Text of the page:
“We are extremely worried,” Philipp Sicher, head of the Swiss Fishing Federation (FSP), said in a statement late last month about the plight of fish in the current heatwave. “Indicators show that tragedy is near,” added Sicher.
The same warning noted that when water temperatures reach between 23 and 25 degrees Celsius, the situation becomes “critical” for fish. Last weekend the temperature in parts of the Rhine river reached 27.6 degrees.
“All waters are affected by the heatwave,” Eva Baier, water protection expert at the Swiss Fishing Federation, told The Local. “In the canton of Zurich alone, we've had to fish out and relocate the animals from 150 creeks across several hundred kilometres of watercourses,” added Baier.
A tonne of fish have already died in the Rhine in the canton of Schaffhausen alone, according to officials. In the canton of Thurgau, farmers there face a ban on pumping surface water as of the end of last month.
Baier and her team use several techniques to attempt to safeguard fish species vulnerable to the rise in water temperatures.
“In smaller waters, the animals are fished out using electric-fanned equipment and moved into surrounding cooler waters or, in emergency cases, to fish farms,” says Baier.
This involves using nets with electric charge, to which the fish are attracted, according
to a piece in Swiss news portal Tagezanzeiger. This technique causes fish substantial stress, however, and is only used in extreme cases.
A preferred option is to cool the temperature of the water artificially. “In some stretches the water is aired so that enough oxygen is present,” Baier told The Local.
Electric fans are used to cool the temperature of the water in some rivers. Photo: Samuel Gründler/Fischereiverein Schaffhausen.
The fans generate oxygen and cool the water's temperature. Photo: Samuel Gründler/Fischereiverein Schaffhausen.
“In other cases, cool water zones are created in which cooler streams are dredged and groundwater springs are placed under protection,” adds Baier.
Salmonids such as trout and grayling suffer the most under such intense heat, explains Baier.
A dead grayling on the floor of the Rhine Valley inland canal. Photo: SFV-FSP, Rainer Kühnis.
In many of Switzerland's water bodies, fish are fighting for their survival. Patrick Vogel Fotografie.
The Swiss Fishing Federation's rescue efforts in the face of one of the hottest and driest summers on record in Switzerland face several challenges. “The larger rivers, which have little shading, are essentially straight and have few protective structures – such as deadwood accumulations which act as safe havens for fish – make it hard to give the fish relief,” Baier told The Local.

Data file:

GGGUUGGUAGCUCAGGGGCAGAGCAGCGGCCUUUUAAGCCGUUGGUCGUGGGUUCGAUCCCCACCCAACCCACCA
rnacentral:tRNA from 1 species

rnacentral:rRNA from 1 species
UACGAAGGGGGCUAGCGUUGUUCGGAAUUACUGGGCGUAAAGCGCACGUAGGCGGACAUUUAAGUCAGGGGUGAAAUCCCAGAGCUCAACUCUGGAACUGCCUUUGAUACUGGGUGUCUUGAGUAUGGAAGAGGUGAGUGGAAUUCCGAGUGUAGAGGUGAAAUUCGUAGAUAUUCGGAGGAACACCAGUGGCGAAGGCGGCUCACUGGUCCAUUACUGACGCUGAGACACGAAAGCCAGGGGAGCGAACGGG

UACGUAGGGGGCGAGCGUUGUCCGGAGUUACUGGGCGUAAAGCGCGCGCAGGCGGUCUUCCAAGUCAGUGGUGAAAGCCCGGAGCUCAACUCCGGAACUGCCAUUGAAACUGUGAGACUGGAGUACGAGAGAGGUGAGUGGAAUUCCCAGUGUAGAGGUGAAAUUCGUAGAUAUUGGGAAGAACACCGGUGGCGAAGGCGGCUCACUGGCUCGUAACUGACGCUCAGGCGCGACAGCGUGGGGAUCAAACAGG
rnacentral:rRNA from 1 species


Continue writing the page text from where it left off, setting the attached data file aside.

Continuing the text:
The numbers speak for themselves. “On the Rhine between Lake Constance and Schaffhausen the situation inthe warm waters of Lake Constance is particularly precarious. There has been more than one tonne of dead fish removed, especially grayling,” says Baier.
Dead fish in the Rhine. Photo: Patrick Vogel Fotografie.
A sign asks people not to swim in a cooler area of the Rhine where fish seek safety. Photo: SFV-FSP.
While the current heatwave is largely responsible for the plight of fish, human activity has contributed to the warming waters and the stress for several species.
“Swiss waters are under very high pressure in terms of usage,” Baier told The Local. “The water is used for energy production, for irrigation, as drinking water, for leisure activities (swimming, sailing, fishing, excursion boats), as cooling water and for sanitation. All these activities taken together – including the warming effect caused by human-induced climate change – put the fish under enormous pressure,” added the expert.
In many areas of the Upper Rhine Valley, safety zones have been created and swimming and sailing temporarily forbidden.
A fish safety zone in the municipality of Diessenhofen, in the canton of Thurgau, northeast Switzerland. Photo: Samuel Gründler / Fischereiverein Schaffhausen.
Switzerland's nuclear power plants are also contributing to the fish's existential crisis. “All installations that use rivers for cooling and then return water to the watercourse contribute to the warming. Nuclear power plants have a significant impact in that respect,” says Baier.
The Muhleberg Nuclear Power Plant near the Swiss capital Bern has been forced to reduce its energy production to protect flora and fauna in the Aar river, which the plant's cooling system uses. Photo: Fabrice Coffrini/AFP.
Despite the best efforts to curtail human activity in some of the most vulnerable bodies of water, the relocation and fanning efforts and the creation of cool water basin safety zones, in many areas nature, or man-made disaster, has simply taken its course.
“Several smaller water bodies are almost or completely dried up,” Baier told The Local. At this stage it isn't possible to calculate the total number of fish that have died, she added.
Approximately 70 species of fish live in Switzerland's water bodies, of which 54 are indigenous, according
by the Swiss Fishing Federation, Aqua Viva and the WWF aims to lobby the government to implement “structural measures at power plants, so that fish can safely migrate upstream and downstream.”